Discovering a Lost World in the Asian Jungle
Vietnam's Lost World: Gold Rush in the Jungle
By Dan Drollette Jr
Deep in the jungle where the borders of Vietnam meet those of Laos and Cambodia is a region known as "the lost world." Large mammals never seen before by Western science have popped up frequently in these mountains in the last decade, including a half-goat/half-ox, a deer that barks, and a close relative of the nearly extinct Javan rhino.
In an age when scientists are excited by discovering a new kind of tube worm, the thought of finding and naming a new large terrestrial mammal is astonishing, and wildlife biologists from all over the world are flocking to this dangerous region. The result is a race between preservation and destruction.
Containing research gathered from famous biologists, conservationists, indigenous peoples, former POWs, ex-Viet Cong, and the first U.S. ambassador to Vietnam since the war's end, Gold Rush in the Jungle goes deep into the valleys, hills, and hollows of Vietnam to explore the research, the international trade in endangered species, the lingering effects of Agent Orange, and the effort of a handful of biologists to save the world's rarest animals.
Excerpt from the book
It is daybreak in Ninh Binh province, seventy- four miles southwest of Hanoi, and the limestone mountains of Cuc Phuong— Vietnam’s first national park, founded in 1962 with the blessing of Ho Chi Minh himself— are just emerging from the mist.
Though it is only five a.m., lights can already be seen in the windows of the farmhouses just outside the park; the buildings’ traditional thatched roofs, combined with the adjacent neatly tilled rice paddies and abrupt nearby mountains, make the scene look as quiet and still as that on an ancient scroll.
Inside the park, however, the forest is full of sound, from the drone of mosquitoes to the maniacal racket of white- crested laughingthrushes. Loudest of all is a deep- throated “huuuu-huuuuuuuhuuuuuuuuuu-huuuuuuuuuuuuuuuuu” coming from the dense treetops. This is the “great call” of the gibbon, a long- armed, fruit- eating ape, which human listeners have sometimes compared to a mourning dove’s cry, managing to be beautiful while mixed with a sense of loss.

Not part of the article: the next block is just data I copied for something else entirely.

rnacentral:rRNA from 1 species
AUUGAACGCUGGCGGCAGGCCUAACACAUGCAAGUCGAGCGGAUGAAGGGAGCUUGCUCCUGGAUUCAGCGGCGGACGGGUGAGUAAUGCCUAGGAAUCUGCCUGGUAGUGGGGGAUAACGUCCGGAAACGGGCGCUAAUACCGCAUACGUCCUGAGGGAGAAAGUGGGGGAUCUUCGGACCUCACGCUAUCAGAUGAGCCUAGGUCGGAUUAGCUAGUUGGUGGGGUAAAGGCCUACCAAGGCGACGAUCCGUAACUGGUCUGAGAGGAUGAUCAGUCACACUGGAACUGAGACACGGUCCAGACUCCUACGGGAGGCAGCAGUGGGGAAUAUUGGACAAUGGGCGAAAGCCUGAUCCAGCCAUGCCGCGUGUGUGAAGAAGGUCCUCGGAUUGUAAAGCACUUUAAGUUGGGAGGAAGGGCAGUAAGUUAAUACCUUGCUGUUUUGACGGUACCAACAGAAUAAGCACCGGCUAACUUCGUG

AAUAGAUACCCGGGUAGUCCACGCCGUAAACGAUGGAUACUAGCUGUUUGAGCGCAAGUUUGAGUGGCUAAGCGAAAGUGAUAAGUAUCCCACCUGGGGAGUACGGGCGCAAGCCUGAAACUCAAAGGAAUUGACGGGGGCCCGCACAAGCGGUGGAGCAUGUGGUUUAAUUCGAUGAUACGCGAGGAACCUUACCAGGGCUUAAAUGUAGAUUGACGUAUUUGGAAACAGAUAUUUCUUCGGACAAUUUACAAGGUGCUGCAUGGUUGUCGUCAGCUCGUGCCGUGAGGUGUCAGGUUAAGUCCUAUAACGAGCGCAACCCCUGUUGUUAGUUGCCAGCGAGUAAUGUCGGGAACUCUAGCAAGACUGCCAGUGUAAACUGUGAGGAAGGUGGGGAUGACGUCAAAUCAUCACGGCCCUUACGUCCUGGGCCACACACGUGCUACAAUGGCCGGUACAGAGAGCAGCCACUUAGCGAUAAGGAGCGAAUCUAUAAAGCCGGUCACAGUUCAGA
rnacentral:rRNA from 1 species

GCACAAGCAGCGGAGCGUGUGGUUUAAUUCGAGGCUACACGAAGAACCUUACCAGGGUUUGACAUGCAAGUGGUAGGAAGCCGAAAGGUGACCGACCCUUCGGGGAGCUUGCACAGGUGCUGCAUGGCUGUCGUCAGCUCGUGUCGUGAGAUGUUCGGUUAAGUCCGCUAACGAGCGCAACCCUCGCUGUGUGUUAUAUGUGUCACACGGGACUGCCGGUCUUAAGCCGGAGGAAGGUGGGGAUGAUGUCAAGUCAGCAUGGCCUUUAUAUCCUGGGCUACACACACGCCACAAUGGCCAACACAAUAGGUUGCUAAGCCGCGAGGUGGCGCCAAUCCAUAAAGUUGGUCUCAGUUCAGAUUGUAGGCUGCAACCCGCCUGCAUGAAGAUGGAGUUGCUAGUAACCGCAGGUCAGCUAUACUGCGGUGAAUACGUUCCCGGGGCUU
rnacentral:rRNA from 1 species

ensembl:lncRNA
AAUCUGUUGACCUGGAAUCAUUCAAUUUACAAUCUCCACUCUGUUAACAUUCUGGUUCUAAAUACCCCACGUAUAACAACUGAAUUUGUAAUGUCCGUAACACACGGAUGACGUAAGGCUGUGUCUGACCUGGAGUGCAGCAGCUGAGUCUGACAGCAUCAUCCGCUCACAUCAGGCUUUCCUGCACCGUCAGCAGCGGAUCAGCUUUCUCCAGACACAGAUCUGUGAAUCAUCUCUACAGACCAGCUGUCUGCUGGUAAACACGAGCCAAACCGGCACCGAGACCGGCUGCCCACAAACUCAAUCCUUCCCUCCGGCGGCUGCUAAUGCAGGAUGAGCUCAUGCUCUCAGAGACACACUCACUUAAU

Unfortunately, it is a sound fast disappearing from Vietnam’s forests, at a pace that has accelerated noticeably over the past fifteen years.
One of the few places where you can still hear what Jane Goodall once described as “one of the wonders of the primate world” is here, just inside the park boundary, at the Endangered Primate Rescue Center (EPRC).
Consisting of a five- acre semiwild, enclosed area, the center’s roughly circular central compound lies inside a larger perimeter ringed by two outer fences; from above, the series of concentric circles would resemble a dartboard.
And in the bull’s- eye are 150 specimens of the world’s rarest and most endangered animals, most of which would have been dead but for the efforts of Tilo Nadler (TEE- low NAD- ler)— a self- taught biologist who nevertheless went on to become what an eminent zoologist, Colin Groves, described as “the unsung hero of Indochina wildlife protection.”
Limestone Mountain Ridges
There is much to be protected, because just beyond the park lie a series of limestone mountain ridges stretching north to south to form the calciferous spine of Indochina. Known to geographers by the lovely name of the Annamese Cordillera, this mountain range runs the entire length of the country and contains within its valleys, hills, sinkholes, karsts, and innumerable caves something that Oxford University zoologist John MacKinnon described as “the lost world”— home to strange, rare animals such as the Asiatic sun bear, the Tonkin snub- nosed monkey, and the clouded leopard.
But that’s not all. Since the early 1990s, many new, fantastic, large mammals never seen before by Western science have popped up here, especially in the parts where the borders of Vietnam meet those of Laos or Cambodia. Every week for the past ten years, an average of two new species of animal or plant have been found, all previously unknown to the outside world.
A short list includes a half- goat/half- ox, a deer that barks, a creature that may be a missing link between domestic cattle and their wild forebears, and a close relative of the nearly extinct Javan rhino, to name but a few.
A previously unknown, new species of the very rare leaf- eating monkey known as the langur once appeared, quite literally, on Nadler’s doorstep. Others are still being discovered and are part of what the peer- reviewed journal Science called “a renaissance in species discovery, not just of insects and microbes, but also of humans’ closest relatives, mammals.”
Dan Drollette Jr is a writer, editor, and lecturer whose articles have appeared in such publications as Scientific American, International Wildlife, the Boston Globe, Natural History, Cosmos, Science, ABCNewsOnline, New Scientist, Newsday, and The Sciences. Recently, he earned awards from the National Association of Science Writers, the Society of Environmental Journalists, and the "East Meets West" journalism conference at UC Berkeley.
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